Originally, alkenes were named olefins. The name derives from the French oléfiant which in turn originated from the Latin oleum facere, maker of oil. The name gaz oléfiant for ethene was introduced by Dutch chemists because the product from the reaction of ethene with chlorine is the very oily 1,2-dichloroethane. This compound had already been produced in The Netherlands since the 18. century and, therefore, was called "Oil of the Dutch Chemists".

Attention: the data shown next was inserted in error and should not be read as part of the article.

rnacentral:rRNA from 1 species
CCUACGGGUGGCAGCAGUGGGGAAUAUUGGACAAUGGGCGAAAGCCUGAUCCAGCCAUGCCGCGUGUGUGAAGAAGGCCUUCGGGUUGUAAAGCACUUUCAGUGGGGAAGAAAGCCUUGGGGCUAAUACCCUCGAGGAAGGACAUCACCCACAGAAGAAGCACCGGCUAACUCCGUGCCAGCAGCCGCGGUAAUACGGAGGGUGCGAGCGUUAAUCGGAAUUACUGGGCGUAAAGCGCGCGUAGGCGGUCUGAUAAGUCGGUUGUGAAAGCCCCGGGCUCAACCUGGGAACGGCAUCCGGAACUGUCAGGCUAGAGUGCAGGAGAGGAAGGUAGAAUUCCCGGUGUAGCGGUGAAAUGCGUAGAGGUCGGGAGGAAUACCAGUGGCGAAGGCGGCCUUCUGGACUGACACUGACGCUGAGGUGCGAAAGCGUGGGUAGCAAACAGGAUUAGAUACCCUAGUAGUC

Lower alkenes with up to four C atoms are gaseous at room temperature with characteristically penetrating smells. Alkenes with four to twelve C atoms are liquids.